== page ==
PERTH CONSULTATIONS & RESEARCH FINDINGS
The consultations revealed a range of critical issues faced by individuals, families and the community as a whole. High among these was a concern with substance abuse, with overuse of alcohol and drugs being equated with family breakdown and trauma. Access to drugs and alcohol by underage youth was of real concern and affected their employment opportunities.
“We as Aboriginal people need to know our family tree. Older family members are to blame to some extent as they are not letting young people know.”
Family related issues also featured significantly in the responses. The broad range of issues included the impact of the Stolen Generations, family structural breakdown and family feuding.
Participants also indicated that there was a high rate of bullying, violence and crime in the community, which fuelled, and was fuelled by, family feuding and impacted on community safety. They were most worried about the safety of family members, particularly children and also had concerns about ‘keeping their mob safe’. Violence was linked to substance abuse. The range of ways that violence manifests in the community was extensive.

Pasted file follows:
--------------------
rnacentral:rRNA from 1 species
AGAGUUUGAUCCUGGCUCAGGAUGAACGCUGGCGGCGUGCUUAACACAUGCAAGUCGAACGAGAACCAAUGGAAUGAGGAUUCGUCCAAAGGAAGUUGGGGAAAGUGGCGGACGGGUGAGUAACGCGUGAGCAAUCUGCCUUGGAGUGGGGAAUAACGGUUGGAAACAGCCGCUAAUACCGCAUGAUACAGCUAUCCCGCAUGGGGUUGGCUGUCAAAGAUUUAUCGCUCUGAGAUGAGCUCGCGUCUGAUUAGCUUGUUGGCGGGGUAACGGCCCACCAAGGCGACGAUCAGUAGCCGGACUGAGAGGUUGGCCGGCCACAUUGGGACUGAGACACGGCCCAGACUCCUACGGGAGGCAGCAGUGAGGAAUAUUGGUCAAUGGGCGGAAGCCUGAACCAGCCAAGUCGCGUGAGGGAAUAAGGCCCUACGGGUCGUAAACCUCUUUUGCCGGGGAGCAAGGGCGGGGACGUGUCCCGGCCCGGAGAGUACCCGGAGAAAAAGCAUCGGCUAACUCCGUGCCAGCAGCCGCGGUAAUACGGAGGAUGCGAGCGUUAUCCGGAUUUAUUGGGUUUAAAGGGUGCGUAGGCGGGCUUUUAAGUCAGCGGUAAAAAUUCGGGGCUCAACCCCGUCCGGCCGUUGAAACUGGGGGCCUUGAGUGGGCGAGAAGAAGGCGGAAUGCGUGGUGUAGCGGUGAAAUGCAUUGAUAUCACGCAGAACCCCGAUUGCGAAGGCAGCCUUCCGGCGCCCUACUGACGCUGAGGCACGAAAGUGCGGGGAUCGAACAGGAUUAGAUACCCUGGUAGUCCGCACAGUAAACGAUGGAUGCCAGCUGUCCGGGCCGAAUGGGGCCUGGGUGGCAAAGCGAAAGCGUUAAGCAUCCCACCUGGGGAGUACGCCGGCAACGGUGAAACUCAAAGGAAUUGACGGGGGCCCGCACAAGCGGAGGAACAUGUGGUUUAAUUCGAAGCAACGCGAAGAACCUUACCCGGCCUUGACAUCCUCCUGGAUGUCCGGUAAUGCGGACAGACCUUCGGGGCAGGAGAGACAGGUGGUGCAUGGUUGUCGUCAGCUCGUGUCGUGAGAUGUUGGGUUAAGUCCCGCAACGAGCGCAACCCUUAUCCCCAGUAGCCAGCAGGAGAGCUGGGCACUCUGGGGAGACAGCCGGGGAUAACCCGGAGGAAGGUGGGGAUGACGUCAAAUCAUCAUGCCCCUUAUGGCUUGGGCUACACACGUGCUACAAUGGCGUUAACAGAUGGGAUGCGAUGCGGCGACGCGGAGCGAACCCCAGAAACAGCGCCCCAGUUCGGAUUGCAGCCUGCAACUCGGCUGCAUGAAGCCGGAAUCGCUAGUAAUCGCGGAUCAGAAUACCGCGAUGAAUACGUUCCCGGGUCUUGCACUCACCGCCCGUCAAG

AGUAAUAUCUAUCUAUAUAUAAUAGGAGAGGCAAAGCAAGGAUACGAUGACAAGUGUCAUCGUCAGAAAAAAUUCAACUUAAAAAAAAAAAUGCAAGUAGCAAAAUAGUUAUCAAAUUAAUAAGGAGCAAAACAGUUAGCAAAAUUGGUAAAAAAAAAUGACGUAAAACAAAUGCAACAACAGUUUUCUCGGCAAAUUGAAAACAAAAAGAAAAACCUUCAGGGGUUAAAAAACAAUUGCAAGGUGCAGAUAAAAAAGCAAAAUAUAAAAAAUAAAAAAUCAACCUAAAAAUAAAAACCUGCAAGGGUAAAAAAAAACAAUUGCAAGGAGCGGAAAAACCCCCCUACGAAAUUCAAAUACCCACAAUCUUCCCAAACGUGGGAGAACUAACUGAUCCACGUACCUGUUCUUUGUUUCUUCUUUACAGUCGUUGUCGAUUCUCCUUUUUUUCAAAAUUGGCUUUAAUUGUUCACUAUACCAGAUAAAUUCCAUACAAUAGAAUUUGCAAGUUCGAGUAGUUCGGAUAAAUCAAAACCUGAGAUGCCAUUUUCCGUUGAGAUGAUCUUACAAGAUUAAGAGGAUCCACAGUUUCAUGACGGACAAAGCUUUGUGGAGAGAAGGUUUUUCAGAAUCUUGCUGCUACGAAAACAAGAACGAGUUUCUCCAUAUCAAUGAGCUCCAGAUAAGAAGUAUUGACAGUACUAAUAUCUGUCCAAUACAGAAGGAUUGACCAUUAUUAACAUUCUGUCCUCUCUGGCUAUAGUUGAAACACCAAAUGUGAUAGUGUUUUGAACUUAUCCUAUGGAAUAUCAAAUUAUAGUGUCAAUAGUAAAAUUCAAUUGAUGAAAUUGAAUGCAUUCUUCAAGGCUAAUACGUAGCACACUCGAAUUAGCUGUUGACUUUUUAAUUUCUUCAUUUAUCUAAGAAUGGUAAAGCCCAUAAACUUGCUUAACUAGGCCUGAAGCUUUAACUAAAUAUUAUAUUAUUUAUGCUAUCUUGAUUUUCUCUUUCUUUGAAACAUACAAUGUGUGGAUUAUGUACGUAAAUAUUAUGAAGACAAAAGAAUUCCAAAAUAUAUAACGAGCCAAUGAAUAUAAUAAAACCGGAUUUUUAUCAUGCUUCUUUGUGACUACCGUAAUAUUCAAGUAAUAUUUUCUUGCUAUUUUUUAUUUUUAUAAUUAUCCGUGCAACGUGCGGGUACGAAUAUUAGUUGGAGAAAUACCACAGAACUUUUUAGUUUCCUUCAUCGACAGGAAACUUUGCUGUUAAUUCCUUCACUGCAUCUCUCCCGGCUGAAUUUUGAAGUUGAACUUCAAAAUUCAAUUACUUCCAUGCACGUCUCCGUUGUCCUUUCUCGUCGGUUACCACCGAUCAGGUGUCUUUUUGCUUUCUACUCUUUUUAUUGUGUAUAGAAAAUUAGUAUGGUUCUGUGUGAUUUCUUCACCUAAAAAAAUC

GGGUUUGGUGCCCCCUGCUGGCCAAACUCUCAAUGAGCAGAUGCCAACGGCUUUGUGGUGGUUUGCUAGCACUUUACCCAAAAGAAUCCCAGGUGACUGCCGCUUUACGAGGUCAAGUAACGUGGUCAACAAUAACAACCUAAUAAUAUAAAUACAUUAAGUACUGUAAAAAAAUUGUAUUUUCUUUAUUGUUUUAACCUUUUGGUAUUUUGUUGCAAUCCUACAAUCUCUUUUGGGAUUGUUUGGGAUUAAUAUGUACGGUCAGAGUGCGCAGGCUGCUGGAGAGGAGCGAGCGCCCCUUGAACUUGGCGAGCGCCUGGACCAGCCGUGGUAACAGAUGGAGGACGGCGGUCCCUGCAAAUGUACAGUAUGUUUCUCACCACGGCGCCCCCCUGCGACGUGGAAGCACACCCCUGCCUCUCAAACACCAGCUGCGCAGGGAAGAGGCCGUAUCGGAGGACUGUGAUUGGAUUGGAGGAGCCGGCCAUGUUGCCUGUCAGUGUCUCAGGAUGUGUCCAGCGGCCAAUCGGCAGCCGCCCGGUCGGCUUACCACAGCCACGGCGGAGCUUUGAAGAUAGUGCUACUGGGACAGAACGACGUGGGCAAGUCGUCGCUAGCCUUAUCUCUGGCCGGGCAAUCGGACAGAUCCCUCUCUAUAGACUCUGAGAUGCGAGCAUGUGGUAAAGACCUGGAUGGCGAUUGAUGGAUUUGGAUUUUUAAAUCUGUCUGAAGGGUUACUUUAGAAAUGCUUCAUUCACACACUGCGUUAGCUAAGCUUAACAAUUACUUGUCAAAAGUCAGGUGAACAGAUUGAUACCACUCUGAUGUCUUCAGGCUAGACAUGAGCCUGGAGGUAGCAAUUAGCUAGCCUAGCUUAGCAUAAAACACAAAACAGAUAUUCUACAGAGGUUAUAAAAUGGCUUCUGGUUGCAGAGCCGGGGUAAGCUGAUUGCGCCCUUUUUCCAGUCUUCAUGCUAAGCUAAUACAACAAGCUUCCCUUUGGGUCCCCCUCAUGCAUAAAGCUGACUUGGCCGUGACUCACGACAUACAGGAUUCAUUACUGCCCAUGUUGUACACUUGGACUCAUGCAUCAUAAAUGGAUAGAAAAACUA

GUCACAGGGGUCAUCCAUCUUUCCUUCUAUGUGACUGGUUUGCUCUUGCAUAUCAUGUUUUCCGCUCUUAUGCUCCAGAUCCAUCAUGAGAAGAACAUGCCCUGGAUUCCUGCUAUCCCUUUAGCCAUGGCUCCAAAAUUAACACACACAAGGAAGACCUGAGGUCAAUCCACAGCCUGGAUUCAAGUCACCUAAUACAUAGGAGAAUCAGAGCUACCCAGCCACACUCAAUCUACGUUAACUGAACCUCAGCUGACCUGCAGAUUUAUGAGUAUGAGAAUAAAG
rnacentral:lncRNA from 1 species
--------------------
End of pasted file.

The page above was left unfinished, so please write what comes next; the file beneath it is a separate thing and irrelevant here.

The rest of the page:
“We need more building bridges programs uniting families.”
Health also emerged as a general concern among community members, especially around issues such as wellbeing, mental health and suicide. Underlying the concerns raised so far were fundamental economic issues relating to a lack of employment opportunities and inadequate levels of participation in education. Poverty, lack of housing and the high cost of living were other economic factors impacting on the community.
The key theme addressed under the header of ‘preferred programs’ related to programs about Aboriginal culture and history. Participants were very clear that the Aboriginal elements should not only address the development and content of the programs, but delivery. Any program should be developed by and delivered for Aboriginal people by Aboriginal people. Participants thought that there needed to be more support and help for individual community members so that they, in turn, were better equipped to help others.